I used to think the key to happiness and success in life came from the art of giving and being selfless. After all, we live in a world where selfishness is common and selflessness barely exists.
I hated selfish people. I made it my day-to-day job to undo the bad I thought they did. What I didn’t realize, though, was how necessary it is to be selfish in this world. In fact, the key to happiness is indeed being selfish.
So, what does it mean to be selfish?
To be selfish means you exist without people or things or places. Being selfish means you have an identity that belongs to you and only you. It’s an identity that when removed from a person, place or thing is your own. It’s reliance of and on the self.
However, it cannot happen until you go out of your way to make sure you do things that are just for you.
Other people can’t make you happy and materials can’t make you happy. When they do, they’re only little adrenaline rushes. It’s something like a drug that gives you a high — but how long does the high last before you’re hit with the comedown that manages to last twice as long?
I used to be happy and sad and always at the same time. It was because I gave too much to and for other people. I was one in seven billion who became what everyone else wanted of me — except me. It was no wonder I felt alone at night; I didn’t know who I was until someone told me who he or she wanted me to be for the day.
So, I finally hit the brake pedal. I gave up on trying to make the world happy and decided to do things for myself. I realized I couldn’t save people, no matter how badly I had wanted to do so.
All I could do was save myself, and in doing so, maybe give someone else the chance to be the same type of happy. I would do it by revealing how the selfless person became selfish and found happiness. I mean, I gave and gave, but who was giving for me? Who sacrificed anything at all, for me? No one.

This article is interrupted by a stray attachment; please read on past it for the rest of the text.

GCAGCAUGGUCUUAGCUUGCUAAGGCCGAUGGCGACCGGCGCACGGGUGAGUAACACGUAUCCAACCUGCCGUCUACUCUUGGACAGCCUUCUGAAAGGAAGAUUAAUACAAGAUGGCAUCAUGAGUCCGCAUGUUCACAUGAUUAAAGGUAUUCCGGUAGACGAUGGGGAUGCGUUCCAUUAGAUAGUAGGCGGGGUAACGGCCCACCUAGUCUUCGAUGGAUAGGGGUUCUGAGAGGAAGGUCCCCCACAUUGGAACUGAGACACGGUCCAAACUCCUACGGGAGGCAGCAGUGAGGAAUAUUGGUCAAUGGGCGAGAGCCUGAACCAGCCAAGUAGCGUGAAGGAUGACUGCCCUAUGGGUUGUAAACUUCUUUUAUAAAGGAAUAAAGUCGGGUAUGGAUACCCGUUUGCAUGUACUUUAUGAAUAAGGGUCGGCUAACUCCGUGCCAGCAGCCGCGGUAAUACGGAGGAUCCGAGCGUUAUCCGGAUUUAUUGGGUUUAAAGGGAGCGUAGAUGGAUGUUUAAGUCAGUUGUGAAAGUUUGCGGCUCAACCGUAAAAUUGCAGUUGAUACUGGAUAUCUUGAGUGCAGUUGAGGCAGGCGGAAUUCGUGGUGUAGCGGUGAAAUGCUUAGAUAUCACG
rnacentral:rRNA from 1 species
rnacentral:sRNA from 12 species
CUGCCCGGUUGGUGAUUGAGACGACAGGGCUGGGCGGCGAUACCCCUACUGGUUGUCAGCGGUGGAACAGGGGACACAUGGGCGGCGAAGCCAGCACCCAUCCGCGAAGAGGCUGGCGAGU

It didn’t mean they were bad people; it just meant they had something I didn’t. Something I saw as self worth and importance. Do for yourself and when you do for others, don’t sacrifice your identity.
So, I spent time alone. I read books, went to parks, found new bars and did things I loved without looking for someone else’s approval. I existed by myself, for myself. It made all of the difference.
We think people will like us more if we do everything they want; if we are everything they want. But in doing that, we become objects. People aren’t objects; they’re visions and stand for purposes.
How many friends do you really need? How many people do you need to call your best friend? I mean, how many can you have when you can barely keep up with the amount of people you’re trying to know?
I’ve learned that in your 20s, you must come first. Maybe that’s hard to grasp sometimes, but your life and future does not create itself in your teens. It happens more so in your 20s — the decade of figuring out who you are and what you want.
So, let go of things. Stop deciding an unknown future based on a temporary bliss and fleeting acceptance. Be selfish. Be you and who you want to be without the pressures of outside opinions.
What’s meant to be will always end up being. You can’t rush or slow it down; it will happen when and where it does, when it’s supposed to.
Be selfish and make decisions that will lead to your ultimate happiness. Give in to your wants. This is the only time we can really be selfish without restraint.